SEC suit moves forward in court


Despite protests that they were never actually party to litigation against the Socorro Electric Co-op, a district court judge allowed for the filing of an amended complaint to replace a SEC board of trustees member with two other member-owners as the class action representative.

On Thursday, Judge Albert J. Mitchell Jr. ruled that Carol Auffrey of Quemado and Herbert Myers of Socorro could replace SEC Trustee Charlie Wagner as representatives of the class in the countersuit, which asks for class action certification.

The initial cross claim, filed in August 2010 in response to SEC’s lawsuit against its members, named current and former co-op officials individually as defendants. This one lists Socorro Electric Cooperative, Inc. as the cross claim defendant.

The amended version retains many of the same charges of breach of fiduciary duty by members of the co-op’s board of trustees and the former general manager, but differs from the original complaint by naming different parties to the lawsuit.

The countersuit came in response to a lawsuit Socorro Electric filed against all of its approximately 10,000 member-owners in June 2010 in an effort to block new bylaws that require it to operate with increased transparency.

Through the co-op lost the lawsuit, Mitchell allowed the case to continue to consider the merits of the countersuit. He has yet to decide whether he’ll accept it or certify the class, but opened the case up to discovery to assist him with the decision.

The judge also ordered that because “the law expects certain people to have certain titles,” going forward, Auffrey and Myers would be the plaintiffs and SEC will be the defendant. Mitchell said Wagner would not be dismissed as the class representative until the amended complaint had been filed.

“This is not about technicalities,” Mitchell said. “It’s about details. This will keep Mr. Wagner in until we have another party.”

Mitchell earned a chuckle from the dozen spectators when he said going forward, this would be “a simple class action case.”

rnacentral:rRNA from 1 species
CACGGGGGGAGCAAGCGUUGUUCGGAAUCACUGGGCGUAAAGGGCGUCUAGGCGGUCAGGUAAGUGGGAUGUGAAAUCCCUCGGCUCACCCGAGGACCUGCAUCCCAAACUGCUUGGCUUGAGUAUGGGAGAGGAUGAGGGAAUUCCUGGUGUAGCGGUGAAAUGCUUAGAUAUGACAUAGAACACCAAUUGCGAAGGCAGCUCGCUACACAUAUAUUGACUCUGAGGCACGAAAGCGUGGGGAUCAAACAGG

The amended countersuit includes many of the same charges as the first version. It claims:

  • The co-op long maintained a system of unequal and improper voting districts;
  • Patronage capital was withheld from members at times when they should have received payments;
  • Members of the board of trustees received excessive amounts of compensation;
  • Board members breached their fiduciary duty in numerous ways, including with regard to contractual obligations to co-op members and reporting financial and accounting records.

While individual trustees and former co-op officials are no longer specifically named in the amended complaint, the revised version still asks that they be held accountable and be disgorged for all expenses and compensation deemed excessive.

The complaint asks the judge to, “Enter judgment that SEC is liable for exemplary damages based on malice, willful, reckless or wanton behavior, behavior or acts or omissions done in bad faith by the SEC or the board of trustees in an amount sufficient to punish SEC and to deter similar conduct in the future.”

Members would be entitled to damages in the amount of patronage capital that the complaint claims should have been retired and paid to them during the relevant time period, and attorneys representing members would be awarded fees.

The amended complaint was filed by William “Bill” Ikard of the Ikard Wynne law firm of Austin, Texas, which, in 2009, helped win a class action settlement against Pedernales Electric Cooperative that resulted in $23 million being returned to members in the form of patronage capital. Ikard Wynne has been working in concert with the Deschamps & Kortemeier law firm of Socorro, attorneys for Auffrey and Myers.

On Thursday, Darin Foster, the attorney representing the SEC, argued that the amended claim was nothing more than an attempt to “sneak in a substitute party.” Foster said Auffrey and Myers were not parties to the case.